Into the Land of the Unicorns
I'd be very surprised if this book is new to many. I remember this being one of my favorite stories to read as a child. Though I consider myself very lucky that I was wise enough not to take the same approach to this book as I did to the Narnia stories. Climbing into anything that seems wardrobe like seems much safer than jumping off buildings.
Cara Hunter leaps from a church's bell tower - taking her grandmother's word that it's the safest thing to do at the time. She falls not onto the streets below, but into another world she knows nothing about. All she has is her grandmother's amulet and the instructions to deliver it to the unicorn queen. She's helped along the way by the young unicorn Lightfoot and a small group of other interesting creatures.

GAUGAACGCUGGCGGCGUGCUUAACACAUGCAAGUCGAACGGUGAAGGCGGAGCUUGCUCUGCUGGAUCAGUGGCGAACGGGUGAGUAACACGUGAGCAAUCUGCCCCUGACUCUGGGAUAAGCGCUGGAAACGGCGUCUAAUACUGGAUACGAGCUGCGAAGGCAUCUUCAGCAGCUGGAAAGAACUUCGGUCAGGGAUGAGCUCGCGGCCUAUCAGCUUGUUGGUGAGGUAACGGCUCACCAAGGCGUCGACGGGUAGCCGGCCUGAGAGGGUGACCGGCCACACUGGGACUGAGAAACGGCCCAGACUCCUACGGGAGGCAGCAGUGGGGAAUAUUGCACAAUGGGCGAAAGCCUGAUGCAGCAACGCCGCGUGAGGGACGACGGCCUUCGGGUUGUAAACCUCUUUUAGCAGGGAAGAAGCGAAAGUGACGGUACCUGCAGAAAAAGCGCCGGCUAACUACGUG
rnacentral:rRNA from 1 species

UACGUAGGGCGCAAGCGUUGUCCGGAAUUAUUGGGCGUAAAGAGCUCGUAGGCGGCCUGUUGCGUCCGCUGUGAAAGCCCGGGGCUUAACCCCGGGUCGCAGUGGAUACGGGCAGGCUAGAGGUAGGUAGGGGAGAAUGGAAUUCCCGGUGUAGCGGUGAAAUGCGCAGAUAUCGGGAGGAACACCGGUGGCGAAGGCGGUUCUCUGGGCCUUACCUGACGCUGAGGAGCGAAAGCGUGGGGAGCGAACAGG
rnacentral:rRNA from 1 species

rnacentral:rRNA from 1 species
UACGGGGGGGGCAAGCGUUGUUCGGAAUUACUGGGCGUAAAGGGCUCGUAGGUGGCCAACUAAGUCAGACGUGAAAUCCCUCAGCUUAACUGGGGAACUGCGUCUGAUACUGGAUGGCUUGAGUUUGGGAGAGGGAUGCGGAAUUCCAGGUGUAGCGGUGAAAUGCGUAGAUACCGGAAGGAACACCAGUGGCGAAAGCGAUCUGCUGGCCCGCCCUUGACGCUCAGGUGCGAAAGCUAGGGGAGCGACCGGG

It's not a work of literary genius. The plot is, at times, quite random and has little set up for any of the events that happen. Perhaps this is because the Cara is swept up in events she has no understanding of, but the result is a book that doesn't cross the line from 'early reader' to 'young adult' literature. This isn't a failing, but simply a fact. I have fond memories of this story, but I will admit that it is one that for me is best kept in the warm glow of nostalgia rather than being re-examined with more mature eyes. Those that haven't seen the book before, use your own judgment. Less picky readers will likely find a lot to enjoy in the story and the characters. If you have a problem with writing mechanics not quite being up to your level, perhaps this is a book you might enjoy sharing with younger readers.